The Zeb looks small in it. Would go for a triple clamp.
  • 1 0
 So it is possible for complete bikes to come with Double Down tyres! Weak casings are always being identified in reviews as the bike's downfall
  • 1 0
 @sebscott What is the previously unknown insert you added to the 2023 Zeb to help? A Diaz Suspension Runt has been a positive addition to mine!
  • 1 0
 ~60lbs... I get how a little extra weight can be good but there's nothing good that can come from something this heavy. Makes the 41lbs Orbea Wild look like a XC bike!
  • 1 1
 High BB is necessary for ebikes because you pedal so much more so much faster that you need the clearance to avoid pedal strikes. Kinda stupid to put as a con for an ebike. It should be a pro.
  • 1 0
 "you may want to pack your hernia belt and incontinence pads"

This is the greatest single line ever written in relation to a bicycle
  • 1 0
 Nice to see a tester who focusses on wheelbase. I know what feels good to me, and it seems more important than any other single measurement of bike geo.
  • 4 3
 The only thing I like about this is how difficult it looks to smash a chainstay on a rock.
  • 6 0
 cant break a pre production chainstay if you dont have a chainstay Wink
  • 3 0
 It’s also silent, no chain slap.
  • 4 2
 pretty sure even rocks wouldn't want to smash a bike this ugly...
  • 2 2
 What's the point of touting the colour coating process as being environmentally friendly, when it is slapped with a cover of disposable plastic over top of it?
  • 3 3
 and filled with lithium and a disposable motor lmao.
  • 2 0
 @ridingofthebikes: Neither of those are recyclable. Oh wait.
  • 4 0
 Hi @Canadmos, Good question. Surface treatment facilities are generally not very environmentally friendly. The surface treatment is not just the material on top of the frame. The process can be very nasty, with toxic substances ending in nature if not processed correctly. Our approach is clean, and we protect the frame with plastic wrap. The wrap gives the bike a longer lifespan as it looks nicer for longer. We look at sustainability as a whole. For example, we use bubble wrap instead of shredded cartons in our packaging because bubble wrap uses fewer resources from nature. Bubble wrap contains more air than plastic; cartons must be made from trees. Cutting trees and making pulp is far more resource-intensive than making air bubbles from thin plastic sheets. We also save weight by not using cartons. We hope that more companies will use the holistic approach.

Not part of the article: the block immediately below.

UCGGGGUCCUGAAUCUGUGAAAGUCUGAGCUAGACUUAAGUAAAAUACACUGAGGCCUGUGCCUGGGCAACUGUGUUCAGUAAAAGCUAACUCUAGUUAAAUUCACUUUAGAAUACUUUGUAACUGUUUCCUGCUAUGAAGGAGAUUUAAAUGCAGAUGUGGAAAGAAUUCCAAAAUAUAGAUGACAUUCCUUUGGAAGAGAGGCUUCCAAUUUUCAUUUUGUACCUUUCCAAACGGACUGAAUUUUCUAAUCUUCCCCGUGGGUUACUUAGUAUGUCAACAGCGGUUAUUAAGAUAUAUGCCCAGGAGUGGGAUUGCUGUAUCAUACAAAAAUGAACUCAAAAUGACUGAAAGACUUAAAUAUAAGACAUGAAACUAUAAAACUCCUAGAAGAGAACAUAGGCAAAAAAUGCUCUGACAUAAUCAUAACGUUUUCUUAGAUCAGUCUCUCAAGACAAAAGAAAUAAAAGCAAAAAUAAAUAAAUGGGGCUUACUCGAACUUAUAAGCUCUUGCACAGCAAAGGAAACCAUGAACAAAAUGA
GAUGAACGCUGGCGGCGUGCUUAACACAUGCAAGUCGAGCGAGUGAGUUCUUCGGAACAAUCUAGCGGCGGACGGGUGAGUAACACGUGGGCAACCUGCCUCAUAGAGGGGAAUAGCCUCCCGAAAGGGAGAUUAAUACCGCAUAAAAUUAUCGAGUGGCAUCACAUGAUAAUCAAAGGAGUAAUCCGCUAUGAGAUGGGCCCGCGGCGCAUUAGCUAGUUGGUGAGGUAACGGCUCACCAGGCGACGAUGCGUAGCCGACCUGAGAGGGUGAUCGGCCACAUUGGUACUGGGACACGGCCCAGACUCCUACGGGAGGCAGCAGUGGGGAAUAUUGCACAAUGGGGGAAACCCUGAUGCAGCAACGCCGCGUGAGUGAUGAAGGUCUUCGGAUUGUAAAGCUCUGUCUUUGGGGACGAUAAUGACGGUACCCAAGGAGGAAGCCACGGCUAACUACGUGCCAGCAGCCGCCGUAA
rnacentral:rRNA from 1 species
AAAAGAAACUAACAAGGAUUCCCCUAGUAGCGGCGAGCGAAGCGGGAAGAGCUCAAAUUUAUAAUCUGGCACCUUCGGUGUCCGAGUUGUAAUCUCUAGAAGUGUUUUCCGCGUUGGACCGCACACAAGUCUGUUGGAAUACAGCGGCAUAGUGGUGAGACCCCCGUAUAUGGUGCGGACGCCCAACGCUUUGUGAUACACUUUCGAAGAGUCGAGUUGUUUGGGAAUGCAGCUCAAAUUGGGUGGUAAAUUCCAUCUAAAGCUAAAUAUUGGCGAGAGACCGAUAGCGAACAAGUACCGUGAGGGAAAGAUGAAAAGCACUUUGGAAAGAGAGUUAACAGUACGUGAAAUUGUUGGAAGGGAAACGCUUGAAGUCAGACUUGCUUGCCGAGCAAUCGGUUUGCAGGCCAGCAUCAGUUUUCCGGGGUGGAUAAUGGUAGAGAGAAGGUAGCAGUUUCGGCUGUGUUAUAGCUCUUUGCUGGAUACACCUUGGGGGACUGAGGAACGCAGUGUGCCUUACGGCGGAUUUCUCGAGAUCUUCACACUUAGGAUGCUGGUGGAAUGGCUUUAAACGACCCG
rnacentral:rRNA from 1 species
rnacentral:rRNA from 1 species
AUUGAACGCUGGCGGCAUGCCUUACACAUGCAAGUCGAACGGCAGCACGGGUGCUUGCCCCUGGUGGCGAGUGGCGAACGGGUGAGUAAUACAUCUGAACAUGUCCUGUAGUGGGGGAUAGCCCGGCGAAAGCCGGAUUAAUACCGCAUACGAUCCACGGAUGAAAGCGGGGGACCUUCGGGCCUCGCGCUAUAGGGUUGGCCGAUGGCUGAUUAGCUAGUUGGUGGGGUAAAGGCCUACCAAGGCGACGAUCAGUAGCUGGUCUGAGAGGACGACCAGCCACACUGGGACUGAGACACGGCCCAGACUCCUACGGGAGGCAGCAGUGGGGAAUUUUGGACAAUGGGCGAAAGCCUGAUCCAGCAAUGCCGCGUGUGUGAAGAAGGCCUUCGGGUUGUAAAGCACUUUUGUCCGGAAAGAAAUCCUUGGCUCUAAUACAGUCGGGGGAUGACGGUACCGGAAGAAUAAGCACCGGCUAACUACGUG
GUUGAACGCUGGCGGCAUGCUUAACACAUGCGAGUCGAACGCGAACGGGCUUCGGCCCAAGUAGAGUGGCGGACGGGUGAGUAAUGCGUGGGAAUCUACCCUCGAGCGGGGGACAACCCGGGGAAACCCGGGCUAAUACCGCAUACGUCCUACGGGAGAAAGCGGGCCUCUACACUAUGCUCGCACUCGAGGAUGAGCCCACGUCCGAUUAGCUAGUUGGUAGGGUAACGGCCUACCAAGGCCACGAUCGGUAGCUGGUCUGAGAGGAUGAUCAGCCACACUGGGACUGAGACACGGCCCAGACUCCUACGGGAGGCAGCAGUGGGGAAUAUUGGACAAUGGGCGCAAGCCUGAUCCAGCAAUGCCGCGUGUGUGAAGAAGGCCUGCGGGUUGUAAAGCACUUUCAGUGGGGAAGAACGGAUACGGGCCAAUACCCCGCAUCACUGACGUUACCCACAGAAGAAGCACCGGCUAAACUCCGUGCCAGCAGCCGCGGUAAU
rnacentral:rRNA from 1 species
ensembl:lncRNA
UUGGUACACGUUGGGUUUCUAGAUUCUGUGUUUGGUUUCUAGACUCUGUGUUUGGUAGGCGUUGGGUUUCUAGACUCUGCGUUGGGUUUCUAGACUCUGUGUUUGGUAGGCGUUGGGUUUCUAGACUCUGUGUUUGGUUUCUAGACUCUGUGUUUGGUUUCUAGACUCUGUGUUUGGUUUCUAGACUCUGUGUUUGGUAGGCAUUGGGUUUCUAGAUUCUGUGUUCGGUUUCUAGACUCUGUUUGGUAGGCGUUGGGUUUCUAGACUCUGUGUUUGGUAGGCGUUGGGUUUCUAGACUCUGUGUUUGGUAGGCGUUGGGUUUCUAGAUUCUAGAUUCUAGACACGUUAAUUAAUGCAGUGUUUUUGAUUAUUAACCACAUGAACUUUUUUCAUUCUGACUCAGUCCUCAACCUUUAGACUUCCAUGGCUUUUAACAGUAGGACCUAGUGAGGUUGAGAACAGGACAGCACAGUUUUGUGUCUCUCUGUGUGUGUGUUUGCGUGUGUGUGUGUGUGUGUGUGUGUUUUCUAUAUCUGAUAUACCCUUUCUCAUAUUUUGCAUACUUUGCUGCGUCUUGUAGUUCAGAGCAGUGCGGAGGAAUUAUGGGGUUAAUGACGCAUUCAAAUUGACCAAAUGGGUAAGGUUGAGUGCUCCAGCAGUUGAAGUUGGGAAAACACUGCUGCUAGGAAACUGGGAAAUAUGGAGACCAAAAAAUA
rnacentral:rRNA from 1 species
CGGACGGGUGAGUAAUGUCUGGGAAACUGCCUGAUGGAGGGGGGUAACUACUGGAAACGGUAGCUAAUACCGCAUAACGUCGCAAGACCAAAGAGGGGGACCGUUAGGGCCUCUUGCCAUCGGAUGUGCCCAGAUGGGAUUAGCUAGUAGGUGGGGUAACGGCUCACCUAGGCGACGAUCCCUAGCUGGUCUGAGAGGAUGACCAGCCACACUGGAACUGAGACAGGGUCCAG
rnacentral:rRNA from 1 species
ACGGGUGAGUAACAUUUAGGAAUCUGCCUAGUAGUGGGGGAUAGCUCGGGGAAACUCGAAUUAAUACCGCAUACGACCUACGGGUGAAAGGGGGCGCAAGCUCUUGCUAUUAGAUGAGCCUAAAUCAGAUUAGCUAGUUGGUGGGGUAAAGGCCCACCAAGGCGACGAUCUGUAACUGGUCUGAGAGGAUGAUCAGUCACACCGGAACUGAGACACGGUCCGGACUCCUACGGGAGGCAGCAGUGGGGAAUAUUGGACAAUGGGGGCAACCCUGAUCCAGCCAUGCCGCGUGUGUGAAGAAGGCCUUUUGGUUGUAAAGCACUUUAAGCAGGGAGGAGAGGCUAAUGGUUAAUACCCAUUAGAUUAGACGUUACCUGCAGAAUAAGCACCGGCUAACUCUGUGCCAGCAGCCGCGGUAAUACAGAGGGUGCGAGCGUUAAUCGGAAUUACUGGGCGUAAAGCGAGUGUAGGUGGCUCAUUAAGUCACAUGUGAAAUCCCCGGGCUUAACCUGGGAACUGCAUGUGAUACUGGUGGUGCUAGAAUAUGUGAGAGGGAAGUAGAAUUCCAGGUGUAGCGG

• 1 0
 @polebicycles: Could shredded cartons not be made with recycled paper or boxes? I'm not in the packaging industry, so I really have no clue. But using plastic anywhere, can't be good in the end. In a lot of places, those plastic wraps and bubble packaging can't be or aren't recycled.

The frame is already protected by the coating and you're using 7075 aluminum, so perhaps it doesn't even need the plastic wrap. And for those that go through frames like candy and need the wrap purely for aesthetic reasons, they probably don't really care about the whole sustainability thing. Smile
  • 2 0
 @Canadmos: We're a bit more optimistic about this because many of our customers know that we take environmental things seriously and use effort to consider the overall impact.

Most packing cartons here in Finland are recycled. However, recycling renewables also needs energy. Here's more insight into this. Around 0:30, there's the whole thing in a nutshell: youtu.be/A7eVwrLXScM

We have thought that some people don't want the protective film and want to go raw finish on our website and the bike builder. There you can choose whether you want the protective film or not.

Ps. Lithium is also recycled these days. www.fortum.com/services/battery-recycling
  • 1 2
 @polebicycles: That plant is "being built" in america. all lithium is wasted away. way to spread misinformation to justify your electric contraptions while trying to claim you hug trees.
  • 6 4
 this has to be one of the ugliest bikes Ive ever seen
  • 4 3
 Loving the shock installed sideways...... like the icing on the cake of ugliness.